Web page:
Alexander Henry Green
He was born at Maidstone on 10 October 1832, was the eldest son of Thomas Sheldon Green, head-master of the Ashby Grammar School at Ashby-de-la-Zouch, who had married Miss Derington of Hinckley in Leicestershire. After passing through his father's school he went to Gonville and Caius College, Cambridge, where he was admitted pensioner on 25 June 1851, and graduated as sixth wrangler in 1855. Elected a fellow of his college in the same year, he proceeded M.A. in 1858, and resided until 1861.
He obtained an appointment on the Geological Survey in 1861. Here he worked at first on the Jurassic and cretaceous rocks of the midland counties, passing on from them to the carboniferous deposits of Derbyshire, Yorkshire, and the northern counties. In 1874 he left the survey to become professor of geology in the Yorkshire College at Leeds, and wrote a well-received manual of Physical Geology in 1876. He also undertook, in 1885, the duties of the chair of mathematics, and was for a time lecturer on geology at the school of military engineering, Chatham. In 1888 he was appointed to the professorship of geology at Oxford in succession to Sir Joseph Prestwich, and received from that university the honorary degree of M.A.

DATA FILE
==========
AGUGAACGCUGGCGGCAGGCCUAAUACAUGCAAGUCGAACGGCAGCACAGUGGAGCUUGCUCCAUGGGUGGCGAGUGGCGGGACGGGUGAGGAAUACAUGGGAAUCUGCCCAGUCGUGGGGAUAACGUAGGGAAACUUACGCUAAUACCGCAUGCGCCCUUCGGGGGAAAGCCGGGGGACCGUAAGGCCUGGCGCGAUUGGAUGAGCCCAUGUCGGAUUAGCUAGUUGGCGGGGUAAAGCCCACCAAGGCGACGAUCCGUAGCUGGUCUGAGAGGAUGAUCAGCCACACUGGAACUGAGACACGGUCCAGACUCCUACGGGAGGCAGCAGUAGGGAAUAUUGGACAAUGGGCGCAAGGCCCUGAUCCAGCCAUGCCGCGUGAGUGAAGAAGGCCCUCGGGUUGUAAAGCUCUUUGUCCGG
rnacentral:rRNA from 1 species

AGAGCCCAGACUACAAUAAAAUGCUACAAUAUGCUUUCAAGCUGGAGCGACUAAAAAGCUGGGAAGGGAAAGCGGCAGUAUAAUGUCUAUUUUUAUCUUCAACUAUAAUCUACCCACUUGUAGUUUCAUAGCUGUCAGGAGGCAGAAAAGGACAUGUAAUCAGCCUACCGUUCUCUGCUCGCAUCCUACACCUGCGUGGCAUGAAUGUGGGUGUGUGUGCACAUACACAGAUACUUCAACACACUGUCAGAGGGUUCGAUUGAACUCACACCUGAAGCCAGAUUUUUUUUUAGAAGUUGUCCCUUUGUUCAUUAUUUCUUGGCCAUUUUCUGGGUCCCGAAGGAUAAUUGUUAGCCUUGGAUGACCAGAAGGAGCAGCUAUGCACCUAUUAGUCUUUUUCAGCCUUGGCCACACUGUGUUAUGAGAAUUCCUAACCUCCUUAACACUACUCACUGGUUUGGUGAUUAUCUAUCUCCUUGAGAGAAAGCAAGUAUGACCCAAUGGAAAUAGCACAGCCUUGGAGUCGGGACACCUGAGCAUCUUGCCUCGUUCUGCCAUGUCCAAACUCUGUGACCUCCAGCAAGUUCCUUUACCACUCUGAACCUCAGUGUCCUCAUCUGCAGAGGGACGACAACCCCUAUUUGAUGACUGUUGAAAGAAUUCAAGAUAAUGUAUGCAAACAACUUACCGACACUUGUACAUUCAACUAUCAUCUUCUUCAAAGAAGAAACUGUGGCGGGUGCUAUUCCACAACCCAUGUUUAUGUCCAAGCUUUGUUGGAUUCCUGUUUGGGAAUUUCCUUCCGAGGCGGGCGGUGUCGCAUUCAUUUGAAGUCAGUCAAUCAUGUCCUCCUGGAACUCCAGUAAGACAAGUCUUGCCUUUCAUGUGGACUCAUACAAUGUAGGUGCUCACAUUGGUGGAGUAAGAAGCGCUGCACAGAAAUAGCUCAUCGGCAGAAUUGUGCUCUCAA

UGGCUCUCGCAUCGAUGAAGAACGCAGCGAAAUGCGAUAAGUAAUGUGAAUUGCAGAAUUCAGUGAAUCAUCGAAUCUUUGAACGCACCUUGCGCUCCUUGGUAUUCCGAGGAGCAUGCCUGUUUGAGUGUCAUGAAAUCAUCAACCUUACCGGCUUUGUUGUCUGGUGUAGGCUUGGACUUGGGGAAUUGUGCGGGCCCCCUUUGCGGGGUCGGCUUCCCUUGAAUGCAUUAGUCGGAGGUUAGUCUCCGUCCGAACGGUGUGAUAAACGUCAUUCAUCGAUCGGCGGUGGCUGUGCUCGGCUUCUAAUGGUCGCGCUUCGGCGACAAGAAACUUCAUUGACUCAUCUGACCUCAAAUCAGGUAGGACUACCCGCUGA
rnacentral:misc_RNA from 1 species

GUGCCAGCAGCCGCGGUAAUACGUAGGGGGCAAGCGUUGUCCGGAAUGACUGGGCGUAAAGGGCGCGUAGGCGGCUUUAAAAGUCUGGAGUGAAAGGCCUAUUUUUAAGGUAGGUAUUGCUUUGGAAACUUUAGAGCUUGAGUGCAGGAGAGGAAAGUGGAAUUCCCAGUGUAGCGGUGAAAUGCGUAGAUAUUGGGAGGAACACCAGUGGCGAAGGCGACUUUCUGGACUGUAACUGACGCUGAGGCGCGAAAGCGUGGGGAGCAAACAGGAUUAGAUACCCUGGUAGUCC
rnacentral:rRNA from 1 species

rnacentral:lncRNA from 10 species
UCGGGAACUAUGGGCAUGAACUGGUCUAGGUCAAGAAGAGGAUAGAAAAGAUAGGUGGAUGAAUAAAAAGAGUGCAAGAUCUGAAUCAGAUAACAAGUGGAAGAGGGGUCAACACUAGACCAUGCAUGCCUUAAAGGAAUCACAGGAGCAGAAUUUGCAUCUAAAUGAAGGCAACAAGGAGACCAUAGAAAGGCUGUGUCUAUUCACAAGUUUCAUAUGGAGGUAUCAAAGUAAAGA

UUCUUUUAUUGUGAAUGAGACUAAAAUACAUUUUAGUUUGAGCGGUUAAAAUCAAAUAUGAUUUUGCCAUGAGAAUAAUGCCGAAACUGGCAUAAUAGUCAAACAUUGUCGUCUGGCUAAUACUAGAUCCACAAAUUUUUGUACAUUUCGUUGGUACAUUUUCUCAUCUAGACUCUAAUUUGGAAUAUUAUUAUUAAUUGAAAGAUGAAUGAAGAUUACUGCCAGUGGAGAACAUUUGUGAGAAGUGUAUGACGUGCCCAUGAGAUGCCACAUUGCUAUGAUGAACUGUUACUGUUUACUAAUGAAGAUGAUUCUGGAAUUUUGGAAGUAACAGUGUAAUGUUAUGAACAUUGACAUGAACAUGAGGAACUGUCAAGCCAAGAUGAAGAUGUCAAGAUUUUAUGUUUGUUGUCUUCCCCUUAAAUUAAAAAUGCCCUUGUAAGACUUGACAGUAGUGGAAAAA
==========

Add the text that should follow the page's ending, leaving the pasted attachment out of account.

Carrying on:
Green became a Fellow of the Geological Society in 1862, and received the Murchison Medal in 1892. In the latter year he was elected honorary fellow of Gonville and Caius College. In 1886, he was elected a Fellow of the Royal Society, and in 1890 was president of the section of geology at the Leeds meeting of the British Association. His strength in this science lay in field work and in certain departments of physical geology where his mathematical knowledge was especially helpful. As a teacher and writer he was remarkably clear. In addition to the duties of his chair he undertook much examining and consulting work ; perhaps, indeed, excessive labour shortened his life, for he was most indefatigable and thorough in whatever he took in hand. In the summer of 1896, he had a paralytic stroke, and died on 19 August at his residence, Boars Hill, near Oxford.
He was twice married: in 1866 to Miss Mary Marsden, from the neighbourhood of Sheffield, who died in 1882; and in 1883 to Miss W. M. Armstrong, a native of Clifton, who survived him. One son and two daughters were the issue of the first marriage, and a son and a daughter of the second, all of whom survived their father.
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